- Gorilla Woodworking Glue is similar to Tite-bond II. It can be used indoors and out and is also approved for indirect food contact. (Note: do not confuse this wood glue with their popular polyurethane glue.)
The wood glues listed above cover the vast majority of woodworking applications. However, there are a few specialty PA wood glues that are helpful in certain situations.
Specialty Wood Glue
Need a longer assembly time. Titebond Extend Wood Glue is a slower setting version of Titebond Original Wood Glue. It is particularly useful in complex operations such as curved railings and other assemblies that require more time to align. It has a full 15 minutes of open assembly time. Not intended for exterior use or where there is moisture.
Working with dark woods. Titebond II Dark Wood Glue is a dyed-version of Titebond II Wood Glue. It helps hide joints in darker woods such as walnut. It provides a strong initial tack and fast speed of set to reduce clamp time.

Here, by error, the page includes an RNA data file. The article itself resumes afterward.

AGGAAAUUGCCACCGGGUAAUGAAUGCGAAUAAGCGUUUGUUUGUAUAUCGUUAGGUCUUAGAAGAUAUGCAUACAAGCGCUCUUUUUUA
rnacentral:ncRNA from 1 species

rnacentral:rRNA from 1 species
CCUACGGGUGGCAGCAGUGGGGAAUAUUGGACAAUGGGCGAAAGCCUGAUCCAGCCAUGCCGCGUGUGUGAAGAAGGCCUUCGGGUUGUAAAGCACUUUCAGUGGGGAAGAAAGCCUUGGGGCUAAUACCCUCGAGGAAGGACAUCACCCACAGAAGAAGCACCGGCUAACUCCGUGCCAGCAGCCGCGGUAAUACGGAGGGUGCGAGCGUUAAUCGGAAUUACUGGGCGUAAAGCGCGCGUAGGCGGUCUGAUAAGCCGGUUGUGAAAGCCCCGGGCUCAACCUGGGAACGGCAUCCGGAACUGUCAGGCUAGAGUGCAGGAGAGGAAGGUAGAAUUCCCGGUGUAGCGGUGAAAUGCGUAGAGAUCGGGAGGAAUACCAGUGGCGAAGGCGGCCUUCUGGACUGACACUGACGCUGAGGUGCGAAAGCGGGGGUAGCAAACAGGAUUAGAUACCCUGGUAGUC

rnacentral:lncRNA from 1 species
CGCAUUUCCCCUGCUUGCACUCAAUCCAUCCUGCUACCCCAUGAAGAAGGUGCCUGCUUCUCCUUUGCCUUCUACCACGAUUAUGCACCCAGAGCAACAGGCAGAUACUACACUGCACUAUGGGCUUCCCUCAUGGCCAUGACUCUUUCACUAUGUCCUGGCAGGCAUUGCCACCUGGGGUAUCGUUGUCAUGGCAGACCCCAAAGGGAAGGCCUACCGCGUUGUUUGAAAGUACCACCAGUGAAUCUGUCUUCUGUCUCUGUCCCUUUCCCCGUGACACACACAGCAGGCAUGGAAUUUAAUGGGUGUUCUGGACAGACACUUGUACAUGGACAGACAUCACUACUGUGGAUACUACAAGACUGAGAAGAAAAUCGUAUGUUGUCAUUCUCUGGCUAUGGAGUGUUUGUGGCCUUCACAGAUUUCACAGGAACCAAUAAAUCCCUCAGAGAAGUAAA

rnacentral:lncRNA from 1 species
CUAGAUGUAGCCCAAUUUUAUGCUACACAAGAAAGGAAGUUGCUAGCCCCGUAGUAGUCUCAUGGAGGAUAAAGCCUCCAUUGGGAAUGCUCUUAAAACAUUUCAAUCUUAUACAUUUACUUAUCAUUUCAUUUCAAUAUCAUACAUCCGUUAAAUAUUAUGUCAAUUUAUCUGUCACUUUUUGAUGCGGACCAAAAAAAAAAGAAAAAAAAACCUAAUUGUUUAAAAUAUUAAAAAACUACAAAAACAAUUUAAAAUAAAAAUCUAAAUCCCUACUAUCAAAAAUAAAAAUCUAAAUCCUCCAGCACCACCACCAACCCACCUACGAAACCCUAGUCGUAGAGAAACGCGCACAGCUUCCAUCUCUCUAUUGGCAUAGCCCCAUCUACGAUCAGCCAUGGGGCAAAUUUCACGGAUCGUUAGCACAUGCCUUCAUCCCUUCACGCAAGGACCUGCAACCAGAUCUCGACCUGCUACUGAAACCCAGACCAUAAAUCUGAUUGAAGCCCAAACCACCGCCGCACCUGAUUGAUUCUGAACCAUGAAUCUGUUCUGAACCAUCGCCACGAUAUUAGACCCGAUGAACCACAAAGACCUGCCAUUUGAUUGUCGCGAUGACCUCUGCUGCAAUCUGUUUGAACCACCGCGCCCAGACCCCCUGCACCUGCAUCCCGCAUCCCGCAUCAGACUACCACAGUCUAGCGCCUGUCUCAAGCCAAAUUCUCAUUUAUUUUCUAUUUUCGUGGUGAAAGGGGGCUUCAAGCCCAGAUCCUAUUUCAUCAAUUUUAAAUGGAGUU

Concerned about glue running or dripping. Titebond No-Run, No-Drip Wood Glue helps prevent wood glue dripping and running because it is a thick, fast-drying wood glue. It is ideal for finish trim, crown molding, baseboards, window casings and other applications requiring a professional-strength, no-run wood glue. It provides a strong initial tack and fast speed of set, yet allows realignment of working pieces.
Cyanoacrylate (CA) glue is great for small repairs, particularly when carving or turning. This wood glue dries quickly and forms a stiff, plastic-like bond. The liquid form of this wood glue can often run, but this wood glue is also available as a gel that stays in place better. Gorilla Super Glue and Titebond Instant Bond Glue are two good examples.